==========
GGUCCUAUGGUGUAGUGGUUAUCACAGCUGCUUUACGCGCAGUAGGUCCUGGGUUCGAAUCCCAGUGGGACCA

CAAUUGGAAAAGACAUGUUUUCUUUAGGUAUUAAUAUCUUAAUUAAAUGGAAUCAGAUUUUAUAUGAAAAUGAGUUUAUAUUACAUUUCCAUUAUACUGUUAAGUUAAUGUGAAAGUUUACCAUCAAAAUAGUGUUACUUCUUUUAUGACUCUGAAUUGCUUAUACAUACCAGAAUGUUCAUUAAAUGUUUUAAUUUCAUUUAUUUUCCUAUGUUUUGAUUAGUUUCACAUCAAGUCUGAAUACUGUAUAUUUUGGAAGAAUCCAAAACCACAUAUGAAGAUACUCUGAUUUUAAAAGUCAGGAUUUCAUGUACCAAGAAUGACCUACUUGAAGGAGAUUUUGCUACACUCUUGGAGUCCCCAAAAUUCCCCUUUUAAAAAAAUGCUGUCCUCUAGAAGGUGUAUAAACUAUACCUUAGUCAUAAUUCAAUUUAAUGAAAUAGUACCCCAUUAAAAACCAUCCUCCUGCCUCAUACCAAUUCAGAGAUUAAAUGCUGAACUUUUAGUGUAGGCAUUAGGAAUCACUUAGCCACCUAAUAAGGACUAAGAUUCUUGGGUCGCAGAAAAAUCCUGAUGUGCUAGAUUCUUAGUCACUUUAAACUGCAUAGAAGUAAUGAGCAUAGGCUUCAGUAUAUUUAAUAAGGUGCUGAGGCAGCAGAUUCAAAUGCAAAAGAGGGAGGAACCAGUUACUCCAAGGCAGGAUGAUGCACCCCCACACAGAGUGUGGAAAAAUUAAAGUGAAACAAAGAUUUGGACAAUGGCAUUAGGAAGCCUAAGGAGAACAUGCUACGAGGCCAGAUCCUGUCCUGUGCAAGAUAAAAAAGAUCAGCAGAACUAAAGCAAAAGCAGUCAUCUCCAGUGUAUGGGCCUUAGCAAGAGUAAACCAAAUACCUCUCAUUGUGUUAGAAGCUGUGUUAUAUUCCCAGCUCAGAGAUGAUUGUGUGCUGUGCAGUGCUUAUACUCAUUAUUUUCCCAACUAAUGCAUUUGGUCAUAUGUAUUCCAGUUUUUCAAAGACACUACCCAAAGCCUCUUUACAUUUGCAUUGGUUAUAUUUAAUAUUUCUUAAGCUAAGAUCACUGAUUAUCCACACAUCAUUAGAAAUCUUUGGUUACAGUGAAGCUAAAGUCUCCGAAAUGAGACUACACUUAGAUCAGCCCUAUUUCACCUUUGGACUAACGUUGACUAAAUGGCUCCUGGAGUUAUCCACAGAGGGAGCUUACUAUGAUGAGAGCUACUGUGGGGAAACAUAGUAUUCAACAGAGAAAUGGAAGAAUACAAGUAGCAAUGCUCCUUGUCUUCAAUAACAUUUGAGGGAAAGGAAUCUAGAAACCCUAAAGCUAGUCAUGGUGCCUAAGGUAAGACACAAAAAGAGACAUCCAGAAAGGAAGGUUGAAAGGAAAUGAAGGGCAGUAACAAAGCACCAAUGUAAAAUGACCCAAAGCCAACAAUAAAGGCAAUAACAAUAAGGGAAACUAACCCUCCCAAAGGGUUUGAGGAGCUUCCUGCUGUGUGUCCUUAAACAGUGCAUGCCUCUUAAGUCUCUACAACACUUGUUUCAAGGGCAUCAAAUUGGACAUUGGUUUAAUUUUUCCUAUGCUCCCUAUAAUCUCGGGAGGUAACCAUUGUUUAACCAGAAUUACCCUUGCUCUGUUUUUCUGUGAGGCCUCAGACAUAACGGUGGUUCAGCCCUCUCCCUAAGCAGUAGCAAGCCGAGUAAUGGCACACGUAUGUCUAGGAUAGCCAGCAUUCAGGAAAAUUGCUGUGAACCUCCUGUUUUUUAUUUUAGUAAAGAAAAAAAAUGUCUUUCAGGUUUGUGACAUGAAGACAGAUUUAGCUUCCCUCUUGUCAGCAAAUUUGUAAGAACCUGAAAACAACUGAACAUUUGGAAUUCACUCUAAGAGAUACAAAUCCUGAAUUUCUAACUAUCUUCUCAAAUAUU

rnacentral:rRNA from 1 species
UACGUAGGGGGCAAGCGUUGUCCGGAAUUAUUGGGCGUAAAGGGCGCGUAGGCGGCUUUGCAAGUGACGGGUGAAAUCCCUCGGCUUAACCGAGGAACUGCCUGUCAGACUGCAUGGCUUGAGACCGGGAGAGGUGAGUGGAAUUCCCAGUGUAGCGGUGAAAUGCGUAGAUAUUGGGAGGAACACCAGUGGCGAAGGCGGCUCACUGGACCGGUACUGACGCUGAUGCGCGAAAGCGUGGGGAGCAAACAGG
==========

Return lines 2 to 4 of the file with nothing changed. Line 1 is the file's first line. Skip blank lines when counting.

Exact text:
CAAUUGGAAAAGACAUGUUUUCUUUAGGUAUUAAUAUCUUAAUUAAAUGGAAUCAGAUUUUAUAUGAAAAUGAGUUUAUAUUACAUUUCCAUUAUACUGUUAAGUUAAUGUGAAAGUUUACCAUCAAAAUAGUGUUACUUCUUUUAUGACUCUGAAUUGCUUAUACAUACCAGAAUGUUCAUUAAAUGUUUUAAUUUCAUUUAUUUUCCUAUGUUUUGAUUAGUUUCACAUCAAGUCUGAAUACUGUAUAUUUUGGAAGAAUCCAAAACCACAUAUGAAGAUACUCUGAUUUUAAAAGUCAGGAUUUCAUGUACCAAGAAUGACCUACUUGAAGGAGAUUUUGCUACACUCUUGGAGUCCCCAAAAUUCCCCUUUUAAAAAAAUGCUGUCCUCUAGAAGGUGUAUAAACUAUACCUUAGUCAUAAUUCAAUUUAAUGAAAUAGUACCCCAUUAAAAACCAUCCUCCUGCCUCAUACCAAUUCAGAGAUUAAAUGCUGAACUUUUAGUGUAGGCAUUAGGAAUCACUUAGCCACCUAAUAAGGACUAAGAUUCUUGGGUCGCAGAAAAAUCCUGAUGUGCUAGAUUCUUAGUCACUUUAAACUGCAUAGAAGUAAUGAGCAUAGGCUUCAGUAUAUUUAAUAAGGUGCUGAGGCAGCAGAUUCAAAUGCAAAAGAGGGAGGAACCAGUUACUCCAAGGCAGGAUGAUGCACCCCCACACAGAGUGUGGAAAAAUUAAAGUGAAACAAAGAUUUGGACAAUGGCAUUAGGAAGCCUAAGGAGAACAUGCUACGAGGCCAGAUCCUGUCCUGUGCAAGAUAAAAAAGAUCAGCAGAACUAAAGCAAAAGCAGUCAUCUCCAGUGUAUGGGCCUUAGCAAGAGUAAACCAAAUACCUCUCAUUGUGUUAGAAGCUGUGUUAUAUUCCCAGCUCAGAGAUGAUUGUGUGCUGUGCAGUGCUUAUACUCAUUAUUUUCCCAACUAAUGCAUUUGGUCAUAUGUAUUCCAGUUUUUCAAAGACACUACCCAAAGCCUCUUUACAUUUGCAUUGGUUAUAUUUAAUAUUUCUUAAGCUAAGAUCACUGAUUAUCCACACAUCAUUAGAAAUCUUUGGUUACAGUGAAGCUAAAGUCUCCGAAAUGAGACUACACUUAGAUCAGCCCUAUUUCACCUUUGGACUAACGUUGACUAAAUGGCUCCUGGAGUUAUCCACAGAGGGAGCUUACUAUGAUGAGAGCUACUGUGGGGAAACAUAGUAUUCAACAGAGAAAUGGAAGAAUACAAGUAGCAAUGCUCCUUGUCUUCAAUAACAUUUGAGGGAAAGGAAUCUAGAAACCCUAAAGCUAGUCAUGGUGCCUAAGGUAAGACACAAAAAGAGACAUCCAGAAAGGAAGGUUGAAAGGAAAUGAAGGGCAGUAACAAAGCACCAAUGUAAAAUGACCCAAAGCCAACAAUAAAGGCAAUAACAAUAAGGGAAACUAACCCUCCCAAAGGGUUUGAGGAGCUUCCUGCUGUGUGUCCUUAAACAGUGCAUGCCUCUUAAGUCUCUACAACACUUGUUUCAAGGGCAUCAAAUUGGACAUUGGUUUAAUUUUUCCUAUGCUCCCUAUAAUCUCGGGAGGUAACCAUUGUUUAACCAGAAUUACCCUUGCUCUGUUUUUCUGUGAGGCCUCAGACAUAACGGUGGUUCAGCCCUCUCCCUAAGCAGUAGCAAGCCGAGUAAUGGCACACGUAUGUCUAGGAUAGCCAGCAUUCAGGAAAAUUGCUGUGAACCUCCUGUUUUUUAUUUUAGUAAAGAAAAAAAAUGUCUUUCAGGUUUGUGACAUGAAGACAGAUUUAGCUUCCCUCUUGUCAGCAAAUUUGUAAGAACCUGAAAACAACUGAACAUUUGGAAUUCACUCUAAGAGAUACAAAUCCUGAAUUUCUAACUAUCUUCUCAAAUAUU

rnacentral:rRNA from 1 species
UACGUAGGGGGCAAGCGUUGUCCGGAAUUAUUGGGCGUAAAGGGCGCGUAGGCGGCUUUGCAAGUGACGGGUGAAAUCCCUCGGCUUAACCGAGGAACUGCCUGUCAGACUGCAUGGCUUGAGACCGGGAGAGGUGAGUGGAAUUCCCAGUGUAGCGGUGAAAUGCGUAGAUAUUGGGAGGAACACCAGUGGCGAAGGCGGCUCACUGGACCGGUACUGACGCUGAUGCGCGAAAGCGUGGGGAGCAAACAGG